Last week a new means of exploiting a previously unpatched flaw was discovered in the Microsoft SMB (Server Message Protocol). At the time of the announcement of this flaw and at the time of writing, no security advisory from Microsoft has been published.
If an attacker can intercept communications between a client and a legitimate server (i.e. a man in the middle (MITM) attack); the attacker can send the client a specifically crafted URL beginning with file:// The client system can then be re-directed (using HTTP redirect) to provide the clients authentication credentials to a malicious SMB server. These credentials could then be cracked using a brute force password attack (since the passwords are hashed and salted) in order to obtain credentials for the genuine server.
Recommended mitigations for this attack are to block outbound TCP ports 139 and 445 (used for SMB connections) from the outbound firewall on your network. This will allow SMB traffic within your network to work as normal will blocking attempts to perform redirects to external SMB servers. You can also block these ports on any of the host devices (endpoints) within your network. The most effective means of blocking these ports using the Windows Firewall and Group Policy are referenced (page 14) in the following white paper (created by Cylance, the organisation which discovered this new exploit). Further mitigations are detailed in the above mentioned white paper and at the following pages:
Since SMB uses TCP ports 139 and 445 you can use these ports to locate any suspicious traffic on your network using Wireshark. For any host device (e.g. server, laptop etc.) that you wish to monitor, try to capture traffic using Wireshark as close as possible to the host device of interest or install Wireshark on the host device (if possible/permitted). You could also use a simple packet capturing tool such as tcpdump installed on the host device of interest.
In order capture traffic as close as possible to the host device you could capture traffic at a network switch closest to the host of interest. This can be done by installing a Test Access Port (TAP) in between the switch and the host or connecting directly to the switch if that switch supports port spanning. Using a TAP is preferable since link-layer traffic will also be included in the capture.
Once you have captured traffic you can check for suspicious traffic using one or all of the following display filters:
Where ip address below is any host that you wish to check if an attempt to access that host using the SMB protocol has taken place. The ip.dst declaration means that traffic is coming from a host on your network to another host device on your network and is attempting to communicate with that host. Replace (ip address) with the IP address (without the parenthesis/brackets) you wish to monitor:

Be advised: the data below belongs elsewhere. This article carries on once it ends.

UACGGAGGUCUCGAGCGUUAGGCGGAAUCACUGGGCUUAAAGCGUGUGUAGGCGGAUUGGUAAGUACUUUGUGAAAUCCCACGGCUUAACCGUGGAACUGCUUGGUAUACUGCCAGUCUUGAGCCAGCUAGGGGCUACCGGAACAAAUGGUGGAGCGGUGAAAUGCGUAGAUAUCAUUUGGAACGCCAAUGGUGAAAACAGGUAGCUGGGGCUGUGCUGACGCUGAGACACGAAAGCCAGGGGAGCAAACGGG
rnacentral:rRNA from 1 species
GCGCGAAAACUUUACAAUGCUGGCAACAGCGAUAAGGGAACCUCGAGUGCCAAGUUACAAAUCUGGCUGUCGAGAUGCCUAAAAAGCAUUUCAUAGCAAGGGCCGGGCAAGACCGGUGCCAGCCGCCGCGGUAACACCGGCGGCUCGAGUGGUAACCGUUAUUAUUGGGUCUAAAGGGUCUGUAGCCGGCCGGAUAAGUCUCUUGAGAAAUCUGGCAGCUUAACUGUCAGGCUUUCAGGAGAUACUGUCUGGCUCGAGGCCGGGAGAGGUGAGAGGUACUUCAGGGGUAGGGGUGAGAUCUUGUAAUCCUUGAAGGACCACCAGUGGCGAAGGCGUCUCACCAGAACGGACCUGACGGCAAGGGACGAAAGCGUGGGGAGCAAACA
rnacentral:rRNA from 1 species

ip.dst==(ip address) && tcp.srcport==139
ip.dst==(ip address) && tcp.srcport==445
An example of the result from one of the above filters is shown in the screenshot below:
You can also use the Statistics->Conversations window to narrow down traffic coming from another host to a host device of interest using the TCP tab, selecting a port column that contains Microsoft-DS traffic and choosing Apply as Filter->Selected A <- Any (as shown in the screenshot below):
While the above TCP ports should not normally be exposed from inbound traffic, it is also good practice to ensure that these ports are not accessible from outside your network. A simple test for this is to visit the ShieldsUP website from a device that you wish to test. From the tabs at the top of the page choose, Services -> ShieldsUP. Read the short terms and conditions page, if you agree to it, click Proceed. Within the white text box located on the page, enter
I.e. 139 and 445 separated with a comma. Press the Enter key (Carriage return) on your keyboard. The ShieldsUP service will then test the above ports for exposure. If all goes well, you should see a page similar to that pictured below:
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If these ports are found to be open, please use a firewall; either a network firewall or a firewall installed on the host device to block these ports from inbound connections/traffic.
At this time it is unclear if this flaw will be patched. Since it also effects software from AVG, Adobe, Apple, Box, Symantec and many others, it is likely it will be resolved in the near future. Until that time the above mentioned mitigations will protect you from this flaw.